The only place you get to see 100 feet underwater is at the movies – unless you venture to some of the most dramatic dive sites on the planet. That’s where you shed your 3-D theater glasses for a mask and breathing apparatus, strap on weight belt and fins and head down.

The Caribbean is rife with great places to dive. Let’s look at two of them:

The Cayman Islands nestled just south of Cuba, are recognized by folks who dive for their dinner as sporting some of the top dive destinations in the world. The visibility really can be startling. Be you a beginner or pro, adventures are abundant: marine life, dazzling coral, ship wrecks. The first thing you want to do is hook up with a professional dive operator. They’ll get you to the right spot. In all but the winter months, the calmest, clearest dives are to be had in the west. When the winds are gentle, flowing from the south/southwest, there are some terrific shore dives on East End. Head’s up: most of the time East End dives aren’t for beginners. They’re recommended only for experienced divers. Strong swimmers. Again, rely on professional dive operators.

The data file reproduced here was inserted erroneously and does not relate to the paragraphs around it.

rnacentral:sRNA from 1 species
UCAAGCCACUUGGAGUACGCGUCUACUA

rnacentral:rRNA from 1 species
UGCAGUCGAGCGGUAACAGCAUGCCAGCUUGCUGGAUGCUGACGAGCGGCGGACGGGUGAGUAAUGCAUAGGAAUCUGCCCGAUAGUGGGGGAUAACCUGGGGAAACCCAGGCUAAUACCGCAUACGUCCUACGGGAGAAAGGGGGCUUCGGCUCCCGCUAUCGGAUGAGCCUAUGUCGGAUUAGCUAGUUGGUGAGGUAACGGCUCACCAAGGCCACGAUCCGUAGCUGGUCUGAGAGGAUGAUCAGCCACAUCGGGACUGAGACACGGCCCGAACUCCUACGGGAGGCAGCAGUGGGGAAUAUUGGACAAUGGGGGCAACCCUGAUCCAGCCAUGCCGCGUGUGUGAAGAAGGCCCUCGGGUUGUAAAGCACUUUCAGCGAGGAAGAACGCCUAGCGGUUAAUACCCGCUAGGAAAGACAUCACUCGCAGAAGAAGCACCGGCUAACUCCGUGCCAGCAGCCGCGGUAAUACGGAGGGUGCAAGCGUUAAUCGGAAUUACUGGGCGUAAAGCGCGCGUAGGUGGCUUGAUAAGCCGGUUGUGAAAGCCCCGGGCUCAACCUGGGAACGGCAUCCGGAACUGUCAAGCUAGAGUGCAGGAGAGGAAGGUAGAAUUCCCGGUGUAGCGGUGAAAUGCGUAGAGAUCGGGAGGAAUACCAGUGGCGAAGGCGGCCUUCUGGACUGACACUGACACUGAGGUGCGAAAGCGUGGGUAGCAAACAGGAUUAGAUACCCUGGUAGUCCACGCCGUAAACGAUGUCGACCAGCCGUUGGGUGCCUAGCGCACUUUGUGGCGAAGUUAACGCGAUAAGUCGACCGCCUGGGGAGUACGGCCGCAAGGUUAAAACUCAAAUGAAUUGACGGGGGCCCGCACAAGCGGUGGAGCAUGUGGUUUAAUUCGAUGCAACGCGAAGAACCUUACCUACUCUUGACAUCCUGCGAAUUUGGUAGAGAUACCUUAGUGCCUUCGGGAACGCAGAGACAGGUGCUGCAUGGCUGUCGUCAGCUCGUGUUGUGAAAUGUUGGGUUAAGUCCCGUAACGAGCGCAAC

If it’s wreck diving that revs your regulator, there are few better places than Aruba. It’s the self-proclaimed ‘Wreck Dive Destination of the Caribbean.’ While fascinating, wreck diving is not necessarily for novices. Find a good dive operator, and then find some visual treasure. The submerged crown jewel of Aruban wreck sites is the Antilla, a German freighter. She is close to 400-feet long.

If you don’t dive, there are people here who can train you. Carve out an afternoon for some real-world schooling, and take a resort course. Do an hour-and-a-half of classroom instruction, and a one-hour trip to the pool. This gives you the skills to dive as far down as 30 feet. Get comfortable there, and come back again to get more comprehensive certification.

Story by Jerry Chandler

(Images: riekiss, Soul Aperture)

About the author

Jerry ChandlerJerry Chandler loves window seats – a perch with a 35,000-foot view of it all. His favorite places: San Francisco and London just about any time of year, autumn in Manhattan and the seaside in winter. An award-winning aviation and travel writer for 30 years, his goal is to introduce each of his grandkids to their first flight.

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